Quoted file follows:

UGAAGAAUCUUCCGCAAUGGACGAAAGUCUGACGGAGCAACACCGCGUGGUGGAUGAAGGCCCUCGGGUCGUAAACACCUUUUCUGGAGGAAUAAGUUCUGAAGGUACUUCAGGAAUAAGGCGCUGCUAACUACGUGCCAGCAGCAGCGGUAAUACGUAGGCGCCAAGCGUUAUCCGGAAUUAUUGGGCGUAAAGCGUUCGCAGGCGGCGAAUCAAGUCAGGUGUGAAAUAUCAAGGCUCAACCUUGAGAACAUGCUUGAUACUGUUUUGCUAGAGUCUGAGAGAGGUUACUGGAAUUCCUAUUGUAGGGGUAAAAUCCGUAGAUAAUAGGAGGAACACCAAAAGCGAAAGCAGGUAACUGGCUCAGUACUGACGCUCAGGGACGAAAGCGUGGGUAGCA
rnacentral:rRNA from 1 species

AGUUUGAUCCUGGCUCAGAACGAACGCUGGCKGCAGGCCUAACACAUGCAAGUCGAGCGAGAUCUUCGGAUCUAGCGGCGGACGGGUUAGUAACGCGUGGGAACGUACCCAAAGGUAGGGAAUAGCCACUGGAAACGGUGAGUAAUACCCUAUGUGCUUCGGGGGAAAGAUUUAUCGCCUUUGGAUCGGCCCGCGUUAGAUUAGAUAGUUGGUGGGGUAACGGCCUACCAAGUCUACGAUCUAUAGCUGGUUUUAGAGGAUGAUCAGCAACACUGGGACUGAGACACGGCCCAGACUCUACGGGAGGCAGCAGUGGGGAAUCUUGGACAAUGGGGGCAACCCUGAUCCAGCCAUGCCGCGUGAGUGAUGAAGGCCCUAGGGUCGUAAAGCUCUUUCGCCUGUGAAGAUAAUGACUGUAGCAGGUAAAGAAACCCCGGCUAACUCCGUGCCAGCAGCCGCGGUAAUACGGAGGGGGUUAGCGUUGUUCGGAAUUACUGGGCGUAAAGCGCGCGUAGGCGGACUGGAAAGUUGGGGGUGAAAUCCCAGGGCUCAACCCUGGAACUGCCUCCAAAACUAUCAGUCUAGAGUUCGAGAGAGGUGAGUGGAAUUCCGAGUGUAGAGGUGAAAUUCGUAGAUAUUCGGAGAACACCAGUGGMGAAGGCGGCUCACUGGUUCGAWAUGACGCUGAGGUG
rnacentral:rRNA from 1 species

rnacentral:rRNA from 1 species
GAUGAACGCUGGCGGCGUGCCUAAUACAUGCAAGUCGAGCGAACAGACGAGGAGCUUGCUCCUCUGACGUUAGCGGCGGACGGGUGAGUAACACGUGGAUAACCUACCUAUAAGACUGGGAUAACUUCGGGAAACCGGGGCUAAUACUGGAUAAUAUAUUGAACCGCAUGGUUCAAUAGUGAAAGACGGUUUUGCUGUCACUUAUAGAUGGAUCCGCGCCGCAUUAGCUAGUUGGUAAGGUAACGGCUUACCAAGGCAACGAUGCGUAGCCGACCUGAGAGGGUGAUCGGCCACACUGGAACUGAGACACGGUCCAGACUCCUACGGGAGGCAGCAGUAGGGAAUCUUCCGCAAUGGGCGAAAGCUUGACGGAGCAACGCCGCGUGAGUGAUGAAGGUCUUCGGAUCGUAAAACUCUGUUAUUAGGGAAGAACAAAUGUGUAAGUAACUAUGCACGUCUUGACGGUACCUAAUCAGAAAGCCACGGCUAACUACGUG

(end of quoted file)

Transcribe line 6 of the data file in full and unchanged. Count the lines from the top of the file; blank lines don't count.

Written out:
GAUGAACGCUGGCGGCGUGCCUAAUACAUGCAAGUCGAGCGAACAGACGAGGAGCUUGCUCCUCUGACGUUAGCGGCGGACGGGUGAGUAACACGUGGAUAACCUACCUAUAAGACUGGGAUAACUUCGGGAAACCGGGGCUAAUACUGGAUAAUAUAUUGAACCGCAUGGUUCAAUAGUGAAAGACGGUUUUGCUGUCACUUAUAGAUGGAUCCGCGCCGCAUUAGCUAGUUGGUAAGGUAACGGCUUACCAAGGCAACGAUGCGUAGCCGACCUGAGAGGGUGAUCGGCCACACUGGAACUGAGACACGGUCCAGACUCCUACGGGAGGCAGCAGUAGGGAAUCUUCCGCAAUGGGCGAAAGCUUGACGGAGCAACGCCGCGUGAGUGAUGAAGGUCUUCGGAUCGUAAAACUCUGUUAUUAGGGAAGAACAAAUGUGUAAGUAACUAUGCACGUCUUGACGGUACCUAAUCAGAAAGCCACGGCUAACUACGUG